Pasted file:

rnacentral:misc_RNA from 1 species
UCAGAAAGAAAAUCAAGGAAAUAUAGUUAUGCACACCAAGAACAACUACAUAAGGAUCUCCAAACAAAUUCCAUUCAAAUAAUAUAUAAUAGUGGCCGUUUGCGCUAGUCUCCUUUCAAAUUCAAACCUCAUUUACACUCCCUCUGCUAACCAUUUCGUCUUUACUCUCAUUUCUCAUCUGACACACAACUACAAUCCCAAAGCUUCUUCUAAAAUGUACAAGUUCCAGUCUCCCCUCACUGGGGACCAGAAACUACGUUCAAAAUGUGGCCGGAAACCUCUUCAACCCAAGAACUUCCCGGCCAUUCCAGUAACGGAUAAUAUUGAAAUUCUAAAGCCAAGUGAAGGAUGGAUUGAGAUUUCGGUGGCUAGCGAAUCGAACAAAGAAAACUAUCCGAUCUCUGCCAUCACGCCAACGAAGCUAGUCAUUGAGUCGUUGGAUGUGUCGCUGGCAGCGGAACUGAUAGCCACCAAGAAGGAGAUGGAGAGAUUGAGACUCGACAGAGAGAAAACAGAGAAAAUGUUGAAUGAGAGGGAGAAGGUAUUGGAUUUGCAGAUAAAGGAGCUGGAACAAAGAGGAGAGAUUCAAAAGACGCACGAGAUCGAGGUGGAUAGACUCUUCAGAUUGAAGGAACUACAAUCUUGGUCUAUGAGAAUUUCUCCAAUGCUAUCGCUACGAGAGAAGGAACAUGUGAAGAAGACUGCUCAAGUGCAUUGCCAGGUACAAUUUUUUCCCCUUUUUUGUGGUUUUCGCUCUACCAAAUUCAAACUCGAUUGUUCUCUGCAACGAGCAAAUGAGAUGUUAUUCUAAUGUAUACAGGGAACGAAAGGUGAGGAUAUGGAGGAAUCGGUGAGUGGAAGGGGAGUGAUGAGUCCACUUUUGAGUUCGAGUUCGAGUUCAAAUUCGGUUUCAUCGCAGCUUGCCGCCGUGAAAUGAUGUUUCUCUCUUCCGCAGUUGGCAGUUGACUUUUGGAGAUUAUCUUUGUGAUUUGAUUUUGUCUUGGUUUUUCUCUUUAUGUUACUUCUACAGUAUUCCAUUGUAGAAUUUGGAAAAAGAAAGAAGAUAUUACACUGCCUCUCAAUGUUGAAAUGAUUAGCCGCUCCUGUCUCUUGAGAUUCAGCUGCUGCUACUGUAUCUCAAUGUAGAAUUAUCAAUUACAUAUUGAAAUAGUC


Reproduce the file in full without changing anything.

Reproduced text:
rnacentral:misc_RNA from 1 species
UCAGAAAGAAAAUCAAGGAAAUAUAGUUAUGCACACCAAGAACAACUACAUAAGGAUCUCCAAACAAAUUCCAUUCAAAUAAUAUAUAAUAGUGGCCGUUUGCGCUAGUCUCCUUUCAAAUUCAAACCUCAUUUACACUCCCUCUGCUAACCAUUUCGUCUUUACUCUCAUUUCUCAUCUGACACACAACUACAAUCCCAAAGCUUCUUCUAAAAUGUACAAGUUCCAGUCUCCCCUCACUGGGGACCAGAAACUACGUUCAAAAUGUGGCCGGAAACCUCUUCAACCCAAGAACUUCCCGGCCAUUCCAGUAACGGAUAAUAUUGAAAUUCUAAAGCCAAGUGAAGGAUGGAUUGAGAUUUCGGUGGCUAGCGAAUCGAACAAAGAAAACUAUCCGAUCUCUGCCAUCACGCCAACGAAGCUAGUCAUUGAGUCGUUGGAUGUGUCGCUGGCAGCGGAACUGAUAGCCACCAAGAAGGAGAUGGAGAGAUUGAGACUCGACAGAGAGAAAACAGAGAAAAUGUUGAAUGAGAGGGAGAAGGUAUUGGAUUUGCAGAUAAAGGAGCUGGAACAAAGAGGAGAGAUUCAAAAGACGCACGAGAUCGAGGUGGAUAGACUCUUCAGAUUGAAGGAACUACAAUCUUGGUCUAUGAGAAUUUCUCCAAUGCUAUCGCUACGAGAGAAGGAACAUGUGAAGAAGACUGCUCAAGUGCAUUGCCAGGUACAAUUUUUUCCCCUUUUUUGUGGUUUUCGCUCUACCAAAUUCAAACUCGAUUGUUCUCUGCAACGAGCAAAUGAGAUGUUAUUCUAAUGUAUACAGGGAACGAAAGGUGAGGAUAUGGAGGAAUCGGUGAGUGGAAGGGGAGUGAUGAGUCCACUUUUGAGUUCGAGUUCGAGUUCAAAUUCGGUUUCAUCGCAGCUUGCCGCCGUGAAAUGAUGUUUCUCUCUUCCGCAGUUGGCAGUUGACUUUUGGAGAUUAUCUUUGUGAUUUGAUUUUGUCUUGGUUUUUCUCUUUAUGUUACUUCUACAGUAUUCCAUUGUAGAAUUUGGAAAAAGAAAGAAGAUAUUACACUGCCUCUCAAUGUUGAAAUGAUUAGCCGCUCCUGUCUCUUGAGAUUCAGCUGCUGCUACUGUAUCUCAAUGUAGAAUUAUCAAUUACAUAUUGAAAUAGUC